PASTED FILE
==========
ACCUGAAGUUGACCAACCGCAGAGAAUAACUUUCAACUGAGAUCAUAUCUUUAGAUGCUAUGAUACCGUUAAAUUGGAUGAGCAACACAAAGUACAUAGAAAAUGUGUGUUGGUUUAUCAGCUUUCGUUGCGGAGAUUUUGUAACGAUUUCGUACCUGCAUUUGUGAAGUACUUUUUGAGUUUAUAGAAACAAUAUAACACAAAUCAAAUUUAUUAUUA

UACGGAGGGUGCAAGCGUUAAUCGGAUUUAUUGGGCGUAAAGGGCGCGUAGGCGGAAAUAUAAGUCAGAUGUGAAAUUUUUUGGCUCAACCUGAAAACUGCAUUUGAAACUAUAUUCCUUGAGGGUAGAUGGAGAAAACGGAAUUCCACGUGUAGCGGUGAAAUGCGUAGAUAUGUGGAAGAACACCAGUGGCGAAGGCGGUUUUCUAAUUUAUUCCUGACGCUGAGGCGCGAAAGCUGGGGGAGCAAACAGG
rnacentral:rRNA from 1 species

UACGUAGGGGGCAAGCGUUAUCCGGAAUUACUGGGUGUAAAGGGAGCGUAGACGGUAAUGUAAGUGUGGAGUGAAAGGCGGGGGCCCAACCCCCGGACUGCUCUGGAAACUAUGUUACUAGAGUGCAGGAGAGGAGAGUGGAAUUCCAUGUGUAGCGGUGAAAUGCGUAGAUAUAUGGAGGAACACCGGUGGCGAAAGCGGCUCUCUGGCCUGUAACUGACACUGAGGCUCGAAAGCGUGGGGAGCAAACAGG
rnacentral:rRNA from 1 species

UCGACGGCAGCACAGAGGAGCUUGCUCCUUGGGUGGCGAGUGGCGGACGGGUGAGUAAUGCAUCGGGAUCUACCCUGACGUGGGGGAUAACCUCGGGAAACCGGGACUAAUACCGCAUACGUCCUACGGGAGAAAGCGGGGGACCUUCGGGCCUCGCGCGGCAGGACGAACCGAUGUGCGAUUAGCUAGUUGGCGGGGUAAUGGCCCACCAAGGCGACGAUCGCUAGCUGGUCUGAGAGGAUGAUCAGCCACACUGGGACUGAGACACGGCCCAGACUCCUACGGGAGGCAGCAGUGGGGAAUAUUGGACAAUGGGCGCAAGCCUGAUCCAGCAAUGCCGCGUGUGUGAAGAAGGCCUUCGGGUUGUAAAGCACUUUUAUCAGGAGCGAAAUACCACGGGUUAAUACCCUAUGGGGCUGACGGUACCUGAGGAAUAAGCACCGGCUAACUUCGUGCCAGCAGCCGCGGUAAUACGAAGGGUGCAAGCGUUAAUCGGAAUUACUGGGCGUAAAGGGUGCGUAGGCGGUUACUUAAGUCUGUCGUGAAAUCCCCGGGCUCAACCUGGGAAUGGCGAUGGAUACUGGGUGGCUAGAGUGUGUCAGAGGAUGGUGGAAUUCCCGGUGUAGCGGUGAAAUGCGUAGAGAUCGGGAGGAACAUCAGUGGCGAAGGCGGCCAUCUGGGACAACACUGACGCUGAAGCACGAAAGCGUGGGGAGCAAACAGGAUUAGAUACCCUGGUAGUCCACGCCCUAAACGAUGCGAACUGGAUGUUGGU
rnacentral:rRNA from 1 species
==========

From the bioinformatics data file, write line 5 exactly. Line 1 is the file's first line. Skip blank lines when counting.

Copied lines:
rnacentral:rRNA from 1 species